established management processes are well-suited for this type of performance evaluation;
and a significant in-place external review process involves a peer review process as a key
element to ensure that science research proposals are selected strictly on the merits of the
planned research.

While NASA is confident that established processes have no known data limitations,
identification of possible limitations could permit it to identify actions that might compensate
for events that could negatively affect achievement of performance goals. For example,
evaluation of NASA’s performance objective of improving effectiveness and efficiency of
agency acquisitions is dependent on data from the agency’s Financial Accounting and
Contractual Status system. Based on the problems NASA has encountered in producing
complete cost data, uncertain reliability or unavailability of data from this system needs to be
considered. We previously reported that until the new Integrated Financial Management
                                                                                             2
System is operational, performance assessments relying on cost data might be incomplete.
To NASA’s credit, the agency has recognized the importance of this data. The fiscal year 2000
plan includes a performance target to implement new financial systems and business
procedures (including a new financial classification structure and full cost budgeting and
accounting procedures) through the introduction and installation of the Integrated Financial
Management System. The plan states that following completion of system testing, the agency
will begin to install the system at NASA headquarters and field centers. Consideration of data
limitations needs to extend to external data sources as well. NASA’s performance plan does


2
 Major Management Challenges and Program Risks: National Aeronautics and Space Administration (GAO/OCG-99-18, January
1999).




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Enclosure I
Observations on the National Aeronautics and Space Administration's Performance Plan for Fiscal Year 2000




not specifically address data limitations of externally provided data, such as quality, validity,
and timeliness. For example, NASA will rely on Federal Aviation Administration data to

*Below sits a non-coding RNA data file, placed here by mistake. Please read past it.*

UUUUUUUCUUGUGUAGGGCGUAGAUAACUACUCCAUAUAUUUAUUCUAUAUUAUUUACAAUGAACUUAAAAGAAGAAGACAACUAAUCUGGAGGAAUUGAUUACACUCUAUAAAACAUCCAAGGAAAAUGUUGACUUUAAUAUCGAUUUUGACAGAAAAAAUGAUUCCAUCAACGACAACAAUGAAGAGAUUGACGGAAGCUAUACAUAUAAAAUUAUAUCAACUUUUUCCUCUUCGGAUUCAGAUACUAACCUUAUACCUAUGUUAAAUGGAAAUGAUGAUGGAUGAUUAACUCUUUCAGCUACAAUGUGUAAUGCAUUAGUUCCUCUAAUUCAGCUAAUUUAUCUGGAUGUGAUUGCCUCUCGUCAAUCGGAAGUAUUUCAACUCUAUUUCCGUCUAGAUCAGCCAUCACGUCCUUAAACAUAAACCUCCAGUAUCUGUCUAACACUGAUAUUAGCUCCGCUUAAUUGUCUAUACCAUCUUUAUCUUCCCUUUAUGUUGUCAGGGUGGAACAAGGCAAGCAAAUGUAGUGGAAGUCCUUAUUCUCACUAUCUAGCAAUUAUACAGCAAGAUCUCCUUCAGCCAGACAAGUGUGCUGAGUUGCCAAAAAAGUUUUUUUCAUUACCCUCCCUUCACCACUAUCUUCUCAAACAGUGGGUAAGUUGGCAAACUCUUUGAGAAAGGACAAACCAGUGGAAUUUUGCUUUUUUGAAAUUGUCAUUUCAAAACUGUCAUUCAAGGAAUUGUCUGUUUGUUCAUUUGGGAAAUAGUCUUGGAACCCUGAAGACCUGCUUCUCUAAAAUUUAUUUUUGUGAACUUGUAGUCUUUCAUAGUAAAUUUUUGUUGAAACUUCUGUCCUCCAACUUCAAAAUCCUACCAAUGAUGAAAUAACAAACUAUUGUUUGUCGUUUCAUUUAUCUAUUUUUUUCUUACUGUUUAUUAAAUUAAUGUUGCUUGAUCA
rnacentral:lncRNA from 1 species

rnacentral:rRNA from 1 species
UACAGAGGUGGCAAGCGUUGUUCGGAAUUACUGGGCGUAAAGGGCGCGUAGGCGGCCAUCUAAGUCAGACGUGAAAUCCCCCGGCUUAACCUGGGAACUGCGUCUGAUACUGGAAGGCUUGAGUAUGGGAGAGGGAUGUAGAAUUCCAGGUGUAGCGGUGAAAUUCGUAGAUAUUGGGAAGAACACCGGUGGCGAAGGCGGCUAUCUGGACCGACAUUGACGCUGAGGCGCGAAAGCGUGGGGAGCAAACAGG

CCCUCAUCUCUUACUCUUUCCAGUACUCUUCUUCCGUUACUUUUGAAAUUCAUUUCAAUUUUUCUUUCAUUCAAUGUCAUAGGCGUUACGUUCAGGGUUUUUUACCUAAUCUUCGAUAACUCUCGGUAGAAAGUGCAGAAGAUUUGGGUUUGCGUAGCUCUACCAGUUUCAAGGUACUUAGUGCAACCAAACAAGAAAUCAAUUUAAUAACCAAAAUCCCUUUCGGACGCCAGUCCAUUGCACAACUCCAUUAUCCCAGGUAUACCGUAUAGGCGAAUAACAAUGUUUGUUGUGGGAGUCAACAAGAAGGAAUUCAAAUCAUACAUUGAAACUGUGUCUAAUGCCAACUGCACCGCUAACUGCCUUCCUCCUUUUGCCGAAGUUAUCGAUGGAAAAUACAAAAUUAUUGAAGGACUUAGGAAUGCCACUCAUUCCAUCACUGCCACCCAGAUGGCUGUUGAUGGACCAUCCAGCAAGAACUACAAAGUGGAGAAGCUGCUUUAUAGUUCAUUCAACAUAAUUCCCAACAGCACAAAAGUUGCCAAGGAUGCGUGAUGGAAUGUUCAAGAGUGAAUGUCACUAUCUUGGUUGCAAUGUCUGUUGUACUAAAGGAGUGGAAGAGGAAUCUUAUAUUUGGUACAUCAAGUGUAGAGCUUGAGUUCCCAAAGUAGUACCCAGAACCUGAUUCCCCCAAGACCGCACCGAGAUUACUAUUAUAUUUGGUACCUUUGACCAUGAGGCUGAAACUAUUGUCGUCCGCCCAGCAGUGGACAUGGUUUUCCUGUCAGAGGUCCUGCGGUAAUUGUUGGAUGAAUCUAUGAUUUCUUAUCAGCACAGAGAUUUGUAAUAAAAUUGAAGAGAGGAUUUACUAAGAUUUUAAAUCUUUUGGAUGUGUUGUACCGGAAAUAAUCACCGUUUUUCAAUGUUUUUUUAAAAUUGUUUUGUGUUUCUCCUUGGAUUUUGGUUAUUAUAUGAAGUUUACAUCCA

ascertain whether its goal of increasing operations throughput was achieved.

The fiscal year 2000 plan shows some degree of progress in addressing the weaknesses
identified in our assessment of the fiscal year 1999 plan as it relates to providing full
confidence that the agency’s performance information will be credible. In reviewing the fiscal
year 1999 plan, we observed that the plan did not (1) include a discussion of the procedures
that would be used to verify and validate performance data and (2) address limitations to the
data from internal or external sources. Among improvements in the fiscal year 2000 plan are
(1) expanded detail on internal and external evaluations, (2) identification of specific internal
and external sources for data, and (3) identification of planned action to complete testing and
begin installation of the Integrated Financial Management System at NASA headquarters and
field centers in fiscal year 2000.

Other Observations
NASA is making inroads in ensuring that its strategic management system—which includes
its strategic and annual performance plans and budget justification—is reflective of current
conditions and agency priorities. NASA revised its 1998 strategic plan with interim
adjustments released as part of the fiscal year 2000 performance plan and plans to release a
fully updated strategic plan before September 2000. NASA will also issue a revised fiscal year
2000 performance plan, if required. Although we understand NASA’s rationale for wanting to
reflect programs for which appropriations were made and not requested, NASA’s updated
plans applicable to the current fiscal year will be most useful to decisionmakers if they reflect
progress NASA already has made in meeting goals in its prior fiscal year plan. For example,
the final version of the fiscal year 1999 plan indicates, within the “Manage Strategically” goal,
a performance target to “enhance contract management through improved systems and
information for monitoring and through an emphasis on training of procurement personnel,
and revise metrics to assess the overall health of the procurement function.” Since the target
is to be achieved in fiscal year 1999, it is not included in the fiscal year 2000 plan. Using only
the fiscal year 1999 plan as a basis for comparison, decisionmakers are unaware of NASA’s
positive action. To address this issue, future performance plans could be enhanced with the
inclusion of an appendix summarizing adjustments made to the prior fiscal year plan but no
longer applicable to the current fiscal year.

Agency Comments
In commenting on a draft of our analysis, NASA’s Associate Deputy Administrator stated that